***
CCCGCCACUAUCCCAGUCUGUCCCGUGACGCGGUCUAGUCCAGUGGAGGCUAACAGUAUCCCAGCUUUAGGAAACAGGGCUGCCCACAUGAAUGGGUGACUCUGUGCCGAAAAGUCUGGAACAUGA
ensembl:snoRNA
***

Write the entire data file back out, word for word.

CCCGCCACUAUCCCAGUCUGUCCCGUGACGCGGUCUAGUCCAGUGGAGGCUAACAGUAUCCCAGCUUUAGGAAACAGGGCUGCCCACAUGAAUGGGUGACUCUGUGCCGAAAAGUCUGGAACAUGA
ensembl:snoRNA